My mom was a walking conundrum. I learned to work around her moods, but one wacky episode popped to mind this morning – prompted by an unassuming and lovely bloom. A singularly determined late summer stunner nestled behind our garage. This vibrant hollyhock – pictured above.
Its brethren have long since pooped out but this guy? He’s still got stage presence, demanding attention. So, I give it. And as I’m looking him over, wondering why I’ve assigned male pronouns to a flower 😊 I realize why I dislike hollyhocks. In one unsettling wave, I remember.
I don’t recall the year, but sister (Lisa) and I were old enough to walk to the Rite Aid drugstore to do a little shopping for Mother’s Day. We bought a bouquet of mixed flowers and a fresh box of chocolate covered cherries. (Lisa and I sometimes wondered what “fresh” candy was – nothing was dated in those days and we guessed it just meant it was better than the stash mom not-so-secretly-hid in her nightstand.)
We felt triumphant as we woke mom with her gifts, along with a cup of black coffee and her cigarettes. Yeah for us! Almost. Funny how you can block a slice of unpleasantry for decades, isn’t it? I shelved this story in the way, way back – at least until the show-stopper hollyhock said hello earlier today.
Mom’s reaction to her Mother’s Day gifts? She looked at the bouquet of flowers, prominently showcasing both hollyhocks and gladiolas (I didn’t know their names then, but I learned…) and tossed them on the floor with an angry, “FUNERAL flowers? FUNERAL flowers? It’s Mother’s Day! I hate them” followed by a testy grab of the candy and a more softly muttered… ‘But these are okay”.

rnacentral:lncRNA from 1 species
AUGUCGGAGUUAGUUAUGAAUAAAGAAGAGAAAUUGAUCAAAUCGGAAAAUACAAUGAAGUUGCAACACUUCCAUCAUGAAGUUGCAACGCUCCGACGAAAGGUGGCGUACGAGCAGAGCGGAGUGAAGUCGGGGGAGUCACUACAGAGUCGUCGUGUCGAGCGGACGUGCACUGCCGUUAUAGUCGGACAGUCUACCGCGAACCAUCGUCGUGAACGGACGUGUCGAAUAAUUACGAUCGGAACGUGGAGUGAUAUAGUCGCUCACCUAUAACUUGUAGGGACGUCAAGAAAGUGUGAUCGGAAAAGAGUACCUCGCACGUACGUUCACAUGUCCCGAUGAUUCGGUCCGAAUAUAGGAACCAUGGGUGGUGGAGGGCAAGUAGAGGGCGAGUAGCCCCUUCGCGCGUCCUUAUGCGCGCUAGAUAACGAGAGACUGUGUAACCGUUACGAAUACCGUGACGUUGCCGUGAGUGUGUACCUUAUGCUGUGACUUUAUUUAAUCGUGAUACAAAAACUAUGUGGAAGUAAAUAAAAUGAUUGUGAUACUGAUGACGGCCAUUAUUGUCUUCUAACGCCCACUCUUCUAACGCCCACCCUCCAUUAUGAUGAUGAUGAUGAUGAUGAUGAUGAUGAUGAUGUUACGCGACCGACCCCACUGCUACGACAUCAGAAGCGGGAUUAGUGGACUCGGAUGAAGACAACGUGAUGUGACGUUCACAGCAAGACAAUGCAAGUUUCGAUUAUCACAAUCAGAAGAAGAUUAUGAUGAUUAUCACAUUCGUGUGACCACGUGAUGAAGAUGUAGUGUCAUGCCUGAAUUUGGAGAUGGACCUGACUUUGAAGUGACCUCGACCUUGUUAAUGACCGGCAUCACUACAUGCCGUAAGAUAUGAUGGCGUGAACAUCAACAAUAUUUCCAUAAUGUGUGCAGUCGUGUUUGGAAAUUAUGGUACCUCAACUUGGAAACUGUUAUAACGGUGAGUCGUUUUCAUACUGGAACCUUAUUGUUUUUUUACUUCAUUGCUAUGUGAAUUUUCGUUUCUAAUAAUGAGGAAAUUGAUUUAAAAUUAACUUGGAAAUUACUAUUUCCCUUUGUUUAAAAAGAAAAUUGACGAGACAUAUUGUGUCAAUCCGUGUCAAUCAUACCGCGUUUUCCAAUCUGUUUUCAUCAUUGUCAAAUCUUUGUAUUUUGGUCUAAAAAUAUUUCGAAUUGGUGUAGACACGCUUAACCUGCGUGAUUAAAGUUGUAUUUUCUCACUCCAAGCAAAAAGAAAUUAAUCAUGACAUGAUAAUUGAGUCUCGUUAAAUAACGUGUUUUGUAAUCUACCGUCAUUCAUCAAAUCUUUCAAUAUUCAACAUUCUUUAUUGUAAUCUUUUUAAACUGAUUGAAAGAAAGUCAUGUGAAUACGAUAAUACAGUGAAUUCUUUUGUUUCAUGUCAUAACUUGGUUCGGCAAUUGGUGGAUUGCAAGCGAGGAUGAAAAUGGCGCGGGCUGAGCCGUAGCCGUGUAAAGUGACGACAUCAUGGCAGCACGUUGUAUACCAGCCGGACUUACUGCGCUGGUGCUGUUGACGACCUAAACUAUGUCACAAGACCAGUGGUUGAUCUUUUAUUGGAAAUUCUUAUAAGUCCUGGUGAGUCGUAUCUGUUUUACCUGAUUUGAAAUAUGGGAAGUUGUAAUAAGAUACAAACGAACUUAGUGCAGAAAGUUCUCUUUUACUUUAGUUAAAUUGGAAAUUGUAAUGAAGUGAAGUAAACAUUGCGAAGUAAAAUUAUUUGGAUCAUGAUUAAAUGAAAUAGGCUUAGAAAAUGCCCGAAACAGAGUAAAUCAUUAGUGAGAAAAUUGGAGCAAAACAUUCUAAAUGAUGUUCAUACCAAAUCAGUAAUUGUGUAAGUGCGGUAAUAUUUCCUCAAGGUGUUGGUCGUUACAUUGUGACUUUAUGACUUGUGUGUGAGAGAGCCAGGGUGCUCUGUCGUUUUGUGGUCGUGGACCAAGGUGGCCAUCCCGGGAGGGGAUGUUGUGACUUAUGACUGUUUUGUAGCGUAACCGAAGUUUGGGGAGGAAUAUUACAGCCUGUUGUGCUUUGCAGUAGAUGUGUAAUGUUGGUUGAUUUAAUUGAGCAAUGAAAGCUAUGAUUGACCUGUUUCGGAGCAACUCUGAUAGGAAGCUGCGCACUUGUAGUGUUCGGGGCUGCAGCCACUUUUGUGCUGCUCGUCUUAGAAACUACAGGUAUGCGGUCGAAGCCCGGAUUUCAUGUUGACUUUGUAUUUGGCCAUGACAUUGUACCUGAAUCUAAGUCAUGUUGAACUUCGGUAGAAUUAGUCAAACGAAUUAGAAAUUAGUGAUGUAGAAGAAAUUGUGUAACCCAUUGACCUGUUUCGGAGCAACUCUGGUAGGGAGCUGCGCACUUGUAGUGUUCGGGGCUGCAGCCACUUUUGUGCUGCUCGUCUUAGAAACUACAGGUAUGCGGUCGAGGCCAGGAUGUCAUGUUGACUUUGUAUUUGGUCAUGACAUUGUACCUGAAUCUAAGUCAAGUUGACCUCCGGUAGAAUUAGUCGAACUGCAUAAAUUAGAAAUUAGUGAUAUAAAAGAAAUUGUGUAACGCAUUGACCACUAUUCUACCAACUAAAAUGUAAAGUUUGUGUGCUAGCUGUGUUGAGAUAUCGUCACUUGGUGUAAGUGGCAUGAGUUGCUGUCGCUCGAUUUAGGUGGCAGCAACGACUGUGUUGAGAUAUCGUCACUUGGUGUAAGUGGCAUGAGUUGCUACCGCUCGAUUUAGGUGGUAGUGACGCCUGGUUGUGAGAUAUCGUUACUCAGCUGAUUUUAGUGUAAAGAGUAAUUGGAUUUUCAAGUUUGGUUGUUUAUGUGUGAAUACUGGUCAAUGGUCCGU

Lisa, given her sweetness and emotional vulnerability was a puddle in an instant. I tended to her first – trying to smooth over and re-contextualize the hurt. Usually this: Mom didn’t mean it or Mom’s just tired followed by It’s not your fault. Distracting Lisa by nudging her along to another activity also helped. That day we made pancakes. Food as the solution – again. Sigh.
Just the same, like other nasty bits, for my own sanity, I shut the door to the memory – quick as I could. Years later, I’m amazed that these scenes are still powerful enough to swim into everyday life. Life with mom wasn’t always a train wreck…but when it was, it was.
My take-away? NOW I know why I’ve never liked the hollyhocks 😉 that hubby’s been nursing back to health in our yard. I’ve been indifferent to them – never cutting them and plopping them in a vase. I’m still not sure about mom’s crazy claim that hollyhocks (and gladiolas) are ‘funeral flowers’. Anyone who’s more in the know can fill me in on that.
Oh – and why the sharing? No, no — not because it’s sad. Quite the contrary. For me, it’s a proof-positive example that remembering, while unpleasant, can breed resilience, if you dare to let it.
Thanks for reading. The boisterous and bold Mr. Hollyhock says hello.
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